Monticello Road is a community arts project in Charlottesville, Virginia. Through photography and a series of public events and conversations, we explore how an art can be an essential, integral and everyday part of a healthy community.

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Sunday, January 22, 2017

Monticello Connectivity Pre-Assessment:
Executive Summary

Saunders Bridge from Monticello (Aaron Eichorst via instagram)

This is the executive summary of a 50-page pre-assessment report I wrote about reconnecting Charlottesville to Monticello and beyond for pedestrians and cyclists. That document is the result of an independent a study course at the University of Virginia's Masters of Urban and Environmental Planning program. The next phase will be an in-depth practicum in which I will be joined by four other graduate students. We will delve with greater detail into the issues identified in this report. That will be available in the late spring/ early summer. -Peter Krebs

Monticello is an important source of Charlottesville’s history, cultural identity and economic vitality. In combination with the Academical Village at the University of Virginia it is a nearly unmatched resource and very unusual for a town of this size. Monticello is close to the city (its lands are less than a mile from the border) and it is visible from many locations, yet it is difficult to get there without a car. This discontinuity poses problems of equity and unrealized opportunity for Monticello, the city and the region.

Monticello was once easily accessible. There were multiple routes into town with significant travel and exchange in both directions. When Interstate 64 was built (in the 1960’s and 70’s) all of those routes were severed except for one (VA-20) and that was widened for highway speeds without accommodation for bicycles or pedestrians, effectively cutting Monticello off from those who do not have—or choose to use—a car.[1] There is no transit connection, which limits residents and visitors alike.

The Thomas Jefferson Foundation, which owns and operates Monticello and much of the surrounding lands, bridged half the distance in 2000 by opening Saunders Monticello Trail. This winding two-mile pathway is fully ADA accessible (while climbing a mountain!) and its beauty attracts tremendously diverse visitorship. Combined with the adjoining parkland, it is a wildly successful landscape and a destination in its own right yet it is difficult to get there with a vehicle and nearly impossible without one.

Friday, January 6, 2017

Historic Routes to Monticello

1890 Charlottesville Land Company Map, showing several of the lost roads (dashed), Monticello Road and Avenue and Market Street (which still exist) and the path of Interstate 64. (Special Collections Library, University of Virginia via Scholars’ Lab). Click to enlarge.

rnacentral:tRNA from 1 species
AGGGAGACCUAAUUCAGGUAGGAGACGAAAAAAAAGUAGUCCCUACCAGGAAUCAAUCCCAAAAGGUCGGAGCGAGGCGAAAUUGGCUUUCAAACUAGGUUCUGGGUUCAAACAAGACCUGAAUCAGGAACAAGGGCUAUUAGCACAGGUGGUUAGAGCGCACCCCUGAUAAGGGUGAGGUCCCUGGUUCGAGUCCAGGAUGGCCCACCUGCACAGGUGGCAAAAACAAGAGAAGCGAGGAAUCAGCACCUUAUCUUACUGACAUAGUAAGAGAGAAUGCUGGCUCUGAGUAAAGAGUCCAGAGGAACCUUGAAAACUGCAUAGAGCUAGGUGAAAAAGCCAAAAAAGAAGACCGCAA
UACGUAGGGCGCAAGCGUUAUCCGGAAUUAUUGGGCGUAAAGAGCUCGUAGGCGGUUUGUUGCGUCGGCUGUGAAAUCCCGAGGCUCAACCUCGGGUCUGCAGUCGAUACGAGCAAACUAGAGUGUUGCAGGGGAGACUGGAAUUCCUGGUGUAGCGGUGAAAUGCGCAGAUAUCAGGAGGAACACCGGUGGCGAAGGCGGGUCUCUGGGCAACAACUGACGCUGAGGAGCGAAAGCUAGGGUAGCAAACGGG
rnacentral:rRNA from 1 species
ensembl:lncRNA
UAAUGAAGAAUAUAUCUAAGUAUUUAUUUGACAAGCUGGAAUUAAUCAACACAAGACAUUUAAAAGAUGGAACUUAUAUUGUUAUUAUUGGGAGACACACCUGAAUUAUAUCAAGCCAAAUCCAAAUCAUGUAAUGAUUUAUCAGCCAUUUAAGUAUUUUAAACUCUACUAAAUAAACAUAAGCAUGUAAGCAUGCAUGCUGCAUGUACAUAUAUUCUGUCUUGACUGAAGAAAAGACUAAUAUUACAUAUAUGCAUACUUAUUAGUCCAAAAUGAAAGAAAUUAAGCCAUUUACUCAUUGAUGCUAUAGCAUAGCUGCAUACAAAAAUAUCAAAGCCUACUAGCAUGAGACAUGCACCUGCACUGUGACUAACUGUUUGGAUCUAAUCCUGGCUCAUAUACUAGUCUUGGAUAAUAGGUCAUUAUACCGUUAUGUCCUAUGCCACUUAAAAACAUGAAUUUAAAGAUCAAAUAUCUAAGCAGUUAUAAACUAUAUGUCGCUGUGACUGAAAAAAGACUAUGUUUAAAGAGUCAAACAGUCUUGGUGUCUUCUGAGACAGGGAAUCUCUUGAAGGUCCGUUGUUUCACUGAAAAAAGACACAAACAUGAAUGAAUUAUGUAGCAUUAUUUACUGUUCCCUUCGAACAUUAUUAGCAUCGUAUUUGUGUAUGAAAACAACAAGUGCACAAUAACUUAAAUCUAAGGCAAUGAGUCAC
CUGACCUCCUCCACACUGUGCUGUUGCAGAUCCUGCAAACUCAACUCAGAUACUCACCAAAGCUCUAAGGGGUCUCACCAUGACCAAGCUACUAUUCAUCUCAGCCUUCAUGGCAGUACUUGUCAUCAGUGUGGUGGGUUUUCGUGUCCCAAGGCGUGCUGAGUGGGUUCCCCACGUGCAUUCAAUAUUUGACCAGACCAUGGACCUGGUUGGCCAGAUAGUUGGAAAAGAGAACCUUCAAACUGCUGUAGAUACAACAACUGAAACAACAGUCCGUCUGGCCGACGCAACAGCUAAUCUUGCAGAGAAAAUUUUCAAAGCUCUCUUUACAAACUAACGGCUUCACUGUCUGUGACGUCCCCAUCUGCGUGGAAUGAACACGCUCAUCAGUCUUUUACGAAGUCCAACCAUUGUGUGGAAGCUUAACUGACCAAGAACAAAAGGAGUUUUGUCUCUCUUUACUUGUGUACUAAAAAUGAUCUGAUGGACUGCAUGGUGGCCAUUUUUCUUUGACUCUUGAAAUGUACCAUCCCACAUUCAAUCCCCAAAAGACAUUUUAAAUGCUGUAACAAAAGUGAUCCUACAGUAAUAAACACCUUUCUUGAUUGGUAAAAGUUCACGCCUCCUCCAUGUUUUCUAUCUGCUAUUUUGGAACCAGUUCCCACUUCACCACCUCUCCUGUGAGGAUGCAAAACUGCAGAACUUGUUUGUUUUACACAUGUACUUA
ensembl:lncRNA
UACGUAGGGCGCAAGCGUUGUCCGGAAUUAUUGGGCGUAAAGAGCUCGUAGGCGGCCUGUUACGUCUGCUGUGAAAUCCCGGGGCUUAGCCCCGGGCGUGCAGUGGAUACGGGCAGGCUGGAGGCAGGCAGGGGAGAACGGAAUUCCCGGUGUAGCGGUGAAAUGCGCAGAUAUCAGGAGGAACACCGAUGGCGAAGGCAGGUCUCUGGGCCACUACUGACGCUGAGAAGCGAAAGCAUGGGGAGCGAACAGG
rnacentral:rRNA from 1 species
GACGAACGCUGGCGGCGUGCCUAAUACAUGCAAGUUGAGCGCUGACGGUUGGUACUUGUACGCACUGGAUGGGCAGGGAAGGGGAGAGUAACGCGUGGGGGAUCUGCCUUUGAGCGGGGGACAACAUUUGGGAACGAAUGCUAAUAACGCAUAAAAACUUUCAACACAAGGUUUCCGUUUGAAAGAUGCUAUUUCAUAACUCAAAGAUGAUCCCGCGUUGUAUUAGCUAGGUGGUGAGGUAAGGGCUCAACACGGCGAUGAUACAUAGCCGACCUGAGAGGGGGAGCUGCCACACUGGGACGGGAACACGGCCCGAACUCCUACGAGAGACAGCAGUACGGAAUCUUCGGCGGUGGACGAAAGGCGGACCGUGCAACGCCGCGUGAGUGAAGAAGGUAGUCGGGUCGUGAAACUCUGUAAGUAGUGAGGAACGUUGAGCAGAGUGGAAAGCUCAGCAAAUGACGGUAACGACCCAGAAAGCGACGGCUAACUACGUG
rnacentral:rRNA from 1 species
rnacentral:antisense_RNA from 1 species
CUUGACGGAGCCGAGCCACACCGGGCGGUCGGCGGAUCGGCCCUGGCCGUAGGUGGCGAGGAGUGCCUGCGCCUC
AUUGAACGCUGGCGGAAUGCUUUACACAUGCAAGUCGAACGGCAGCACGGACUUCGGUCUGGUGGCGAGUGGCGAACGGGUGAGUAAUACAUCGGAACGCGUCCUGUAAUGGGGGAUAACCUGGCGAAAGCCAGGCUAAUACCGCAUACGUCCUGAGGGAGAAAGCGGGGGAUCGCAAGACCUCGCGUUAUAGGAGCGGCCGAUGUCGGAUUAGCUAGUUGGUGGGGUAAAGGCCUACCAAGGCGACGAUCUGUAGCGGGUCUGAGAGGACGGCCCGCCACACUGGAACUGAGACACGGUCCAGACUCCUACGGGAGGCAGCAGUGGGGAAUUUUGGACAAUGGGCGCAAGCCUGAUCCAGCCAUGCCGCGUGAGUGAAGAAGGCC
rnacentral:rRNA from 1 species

For most of its history, it was easy to get to Monticello. There were multiple possible routes: through Woolen Mills, Carlton, present-day Monticello Road and present-day Route 20. There was busy commerce along all of these routes and there is enduring evidence—and local memories—of that. The advent of the automobile did not itself cause a disruption. During my earlier work studying Monticello Road, I met long-time residents who used to travel that route and I heard amusing stories of joyrides along the steep and winding road into town.

Construction of Interstate 64 in the 1960’s sliced between Charlottesville and Monticello, obliterating those old routes. The Woolen Mills/Carlton approaches exist in only on maps; Monticello Road is in two disconnected segments (one of which is completely disused) and the Monticello Avenue approach was widened to a four lane divided highway without sidewalk.

There was a flurry of institutional building at that same time, with the opening of Piedmont Virginia Community College (PVCC) in 1973, the original regional visitor center (now PVCC Stultz Center) and the serial re-purposing of the Blue Ridge Hospital (ultimately mothballed in the 90’s). Since then, there has been steady growth south on Route 20 (including several subdivisions and a high school), but pedestrian access has not gotten easier...

This text is extracted from my pre-assessment report, Reconnecting Heritage: Pedestrian and Bicycle Connectivity to Monticello, The executive summary and full text of that report will be available soon.